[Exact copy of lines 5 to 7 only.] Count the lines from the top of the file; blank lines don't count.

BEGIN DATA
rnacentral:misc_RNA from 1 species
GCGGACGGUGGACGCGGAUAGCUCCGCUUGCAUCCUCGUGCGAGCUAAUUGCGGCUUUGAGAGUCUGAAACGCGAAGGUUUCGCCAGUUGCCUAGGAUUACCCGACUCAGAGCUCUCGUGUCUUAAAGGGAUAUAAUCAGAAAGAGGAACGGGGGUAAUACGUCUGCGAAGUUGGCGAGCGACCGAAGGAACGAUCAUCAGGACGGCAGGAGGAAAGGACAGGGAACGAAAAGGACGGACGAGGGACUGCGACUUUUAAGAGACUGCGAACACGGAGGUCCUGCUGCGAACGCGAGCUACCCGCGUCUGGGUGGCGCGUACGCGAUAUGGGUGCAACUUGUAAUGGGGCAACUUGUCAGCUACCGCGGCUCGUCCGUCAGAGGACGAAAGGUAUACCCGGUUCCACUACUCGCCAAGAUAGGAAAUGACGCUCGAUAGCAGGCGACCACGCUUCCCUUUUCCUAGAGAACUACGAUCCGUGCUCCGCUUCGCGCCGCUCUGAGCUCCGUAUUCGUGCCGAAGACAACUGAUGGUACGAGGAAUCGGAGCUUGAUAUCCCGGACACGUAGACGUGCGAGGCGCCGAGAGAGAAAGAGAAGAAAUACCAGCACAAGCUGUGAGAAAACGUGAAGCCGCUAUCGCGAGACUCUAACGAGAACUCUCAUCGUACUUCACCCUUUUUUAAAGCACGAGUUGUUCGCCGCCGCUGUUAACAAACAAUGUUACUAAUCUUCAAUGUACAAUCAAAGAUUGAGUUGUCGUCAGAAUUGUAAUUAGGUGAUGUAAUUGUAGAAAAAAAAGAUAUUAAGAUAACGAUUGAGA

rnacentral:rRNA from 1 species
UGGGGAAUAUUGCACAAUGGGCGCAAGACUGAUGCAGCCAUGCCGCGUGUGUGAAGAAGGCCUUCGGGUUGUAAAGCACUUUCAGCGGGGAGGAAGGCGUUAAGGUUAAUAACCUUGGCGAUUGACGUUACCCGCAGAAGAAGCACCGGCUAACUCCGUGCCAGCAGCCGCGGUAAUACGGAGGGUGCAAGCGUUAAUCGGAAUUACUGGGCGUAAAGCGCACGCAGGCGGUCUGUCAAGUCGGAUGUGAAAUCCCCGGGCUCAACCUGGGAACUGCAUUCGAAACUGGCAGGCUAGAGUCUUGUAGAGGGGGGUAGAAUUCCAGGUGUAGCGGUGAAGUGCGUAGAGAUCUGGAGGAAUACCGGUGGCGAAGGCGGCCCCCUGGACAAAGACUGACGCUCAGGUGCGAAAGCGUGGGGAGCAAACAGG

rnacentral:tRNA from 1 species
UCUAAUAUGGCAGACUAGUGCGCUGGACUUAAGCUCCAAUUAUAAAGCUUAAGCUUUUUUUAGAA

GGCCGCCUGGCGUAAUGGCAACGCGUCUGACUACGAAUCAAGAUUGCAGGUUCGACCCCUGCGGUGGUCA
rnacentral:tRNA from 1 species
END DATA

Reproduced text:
rnacentral:tRNA from 1 species
UCUAAUAUGGCAGACUAGUGCGCUGGACUUAAGCUCCAAUUAUAAAGCUUAAGCUUUUUUUAGAA

GGCCGCCUGGCGUAAUGGCAACGCGUCUGACUACGAAUCAAGAUUGCAGGUUCGACCCCUGCGGUGGUCA